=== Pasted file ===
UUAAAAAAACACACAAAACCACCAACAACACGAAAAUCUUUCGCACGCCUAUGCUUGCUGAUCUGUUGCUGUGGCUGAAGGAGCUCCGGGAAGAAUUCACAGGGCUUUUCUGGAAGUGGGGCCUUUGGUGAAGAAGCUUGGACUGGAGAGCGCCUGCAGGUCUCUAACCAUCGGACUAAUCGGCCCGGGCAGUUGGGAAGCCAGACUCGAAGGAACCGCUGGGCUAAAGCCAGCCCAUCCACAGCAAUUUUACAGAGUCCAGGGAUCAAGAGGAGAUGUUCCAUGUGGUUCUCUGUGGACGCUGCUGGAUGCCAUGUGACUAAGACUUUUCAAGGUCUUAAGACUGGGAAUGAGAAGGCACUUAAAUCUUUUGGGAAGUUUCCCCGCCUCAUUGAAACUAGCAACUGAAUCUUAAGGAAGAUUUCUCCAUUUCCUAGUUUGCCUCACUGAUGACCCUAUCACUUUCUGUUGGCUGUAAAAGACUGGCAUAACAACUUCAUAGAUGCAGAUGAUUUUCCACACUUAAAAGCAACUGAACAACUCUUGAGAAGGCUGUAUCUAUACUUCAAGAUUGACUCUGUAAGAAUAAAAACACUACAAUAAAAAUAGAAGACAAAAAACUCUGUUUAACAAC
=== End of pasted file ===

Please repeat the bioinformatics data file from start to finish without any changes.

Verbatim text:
UUAAAAAAACACACAAAACCACCAACAACACGAAAAUCUUUCGCACGCCUAUGCUUGCUGAUCUGUUGCUGUGGCUGAAGGAGCUCCGGGAAGAAUUCACAGGGCUUUUCUGGAAGUGGGGCCUUUGGUGAAGAAGCUUGGACUGGAGAGCGCCUGCAGGUCUCUAACCAUCGGACUAAUCGGCCCGGGCAGUUGGGAAGCCAGACUCGAAGGAACCGCUGGGCUAAAGCCAGCCCAUCCACAGCAAUUUUACAGAGUCCAGGGAUCAAGAGGAGAUGUUCCAUGUGGUUCUCUGUGGACGCUGCUGGAUGCCAUGUGACUAAGACUUUUCAAGGUCUUAAGACUGGGAAUGAGAAGGCACUUAAAUCUUUUGGGAAGUUUCCCCGCCUCAUUGAAACUAGCAACUGAAUCUUAAGGAAGAUUUCUCCAUUUCCUAGUUUGCCUCACUGAUGACCCUAUCACUUUCUGUUGGCUGUAAAAGACUGGCAUAACAACUUCAUAGAUGCAGAUGAUUUUCCACACUUAAAAGCAACUGAACAACUCUUGAGAAGGCUGUAUCUAUACUUCAAGAUUGACUCUGUAAGAAUAAAAACACUACAAUAAAAAUAGAAGACAAAAAACUCUGUUUAACAAC